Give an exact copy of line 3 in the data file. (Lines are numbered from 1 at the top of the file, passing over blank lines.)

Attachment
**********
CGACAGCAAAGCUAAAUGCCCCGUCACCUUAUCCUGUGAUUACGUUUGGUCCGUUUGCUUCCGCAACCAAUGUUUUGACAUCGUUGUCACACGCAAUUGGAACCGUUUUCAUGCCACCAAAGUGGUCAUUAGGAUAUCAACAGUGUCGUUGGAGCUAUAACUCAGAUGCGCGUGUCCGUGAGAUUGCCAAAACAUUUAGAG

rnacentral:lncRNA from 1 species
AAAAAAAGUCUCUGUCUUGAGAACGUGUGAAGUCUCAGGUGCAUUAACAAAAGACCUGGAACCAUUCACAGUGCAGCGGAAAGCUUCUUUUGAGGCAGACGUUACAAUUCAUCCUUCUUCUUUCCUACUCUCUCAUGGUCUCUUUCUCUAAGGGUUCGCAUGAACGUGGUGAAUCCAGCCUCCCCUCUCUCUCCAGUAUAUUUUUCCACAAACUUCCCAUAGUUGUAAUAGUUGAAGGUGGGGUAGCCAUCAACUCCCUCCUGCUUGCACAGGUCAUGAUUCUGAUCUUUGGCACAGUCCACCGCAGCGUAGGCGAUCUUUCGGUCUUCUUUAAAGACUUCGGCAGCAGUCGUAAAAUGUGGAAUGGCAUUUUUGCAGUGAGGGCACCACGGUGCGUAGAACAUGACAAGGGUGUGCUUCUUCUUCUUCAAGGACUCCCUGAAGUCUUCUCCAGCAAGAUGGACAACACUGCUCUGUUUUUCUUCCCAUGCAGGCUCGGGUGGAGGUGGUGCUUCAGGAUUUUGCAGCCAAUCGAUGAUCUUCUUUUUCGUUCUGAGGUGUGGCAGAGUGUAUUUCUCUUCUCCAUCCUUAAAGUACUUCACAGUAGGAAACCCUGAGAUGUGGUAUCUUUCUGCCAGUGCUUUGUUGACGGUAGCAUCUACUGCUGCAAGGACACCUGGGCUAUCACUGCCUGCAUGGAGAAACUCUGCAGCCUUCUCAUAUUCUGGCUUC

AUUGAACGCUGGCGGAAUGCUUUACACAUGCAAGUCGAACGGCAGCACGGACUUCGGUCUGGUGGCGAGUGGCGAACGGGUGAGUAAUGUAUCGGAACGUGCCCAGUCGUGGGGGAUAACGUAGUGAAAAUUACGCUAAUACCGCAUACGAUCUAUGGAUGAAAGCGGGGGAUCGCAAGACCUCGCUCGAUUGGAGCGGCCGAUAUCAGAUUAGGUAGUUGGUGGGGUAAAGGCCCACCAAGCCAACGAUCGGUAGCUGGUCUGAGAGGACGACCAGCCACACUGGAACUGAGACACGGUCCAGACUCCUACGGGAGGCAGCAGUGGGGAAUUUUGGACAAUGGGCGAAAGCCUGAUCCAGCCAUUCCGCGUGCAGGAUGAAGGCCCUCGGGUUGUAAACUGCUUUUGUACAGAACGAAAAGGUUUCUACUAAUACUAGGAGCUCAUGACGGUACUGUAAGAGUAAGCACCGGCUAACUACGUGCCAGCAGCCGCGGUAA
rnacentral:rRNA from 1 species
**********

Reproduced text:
AAAAAAAGUCUCUGUCUUGAGAACGUGUGAAGUCUCAGGUGCAUUAACAAAAGACCUGGAACCAUUCACAGUGCAGCGGAAAGCUUCUUUUGAGGCAGACGUUACAAUUCAUCCUUCUUCUUUCCUACUCUCUCAUGGUCUCUUUCUCUAAGGGUUCGCAUGAACGUGGUGAAUCCAGCCUCCCCUCUCUCUCCAGUAUAUUUUUCCACAAACUUCCCAUAGUUGUAAUAGUUGAAGGUGGGGUAGCCAUCAACUCCCUCCUGCUUGCACAGGUCAUGAUUCUGAUCUUUGGCACAGUCCACCGCAGCGUAGGCGAUCUUUCGGUCUUCUUUAAAGACUUCGGCAGCAGUCGUAAAAUGUGGAAUGGCAUUUUUGCAGUGAGGGCACCACGGUGCGUAGAACAUGACAAGGGUGUGCUUCUUCUUCUUCAAGGACUCCCUGAAGUCUUCUCCAGCAAGAUGGACAACACUGCUCUGUUUUUCUUCCCAUGCAGGCUCGGGUGGAGGUGGUGCUUCAGGAUUUUGCAGCCAAUCGAUGAUCUUCUUUUUCGUUCUGAGGUGUGGCAGAGUGUAUUUCUCUUCUCCAUCCUUAAAGUACUUCACAGUAGGAAACCCUGAGAUGUGGUAUCUUUCUGCCAGUGCUUUGUUGACGGUAGCAUCUACUGCUGCAAGGACACCUGGGCUAUCACUGCCUGCAUGGAGAAACUCUGCAGCCUUCUCAUAUUCUGGCUUC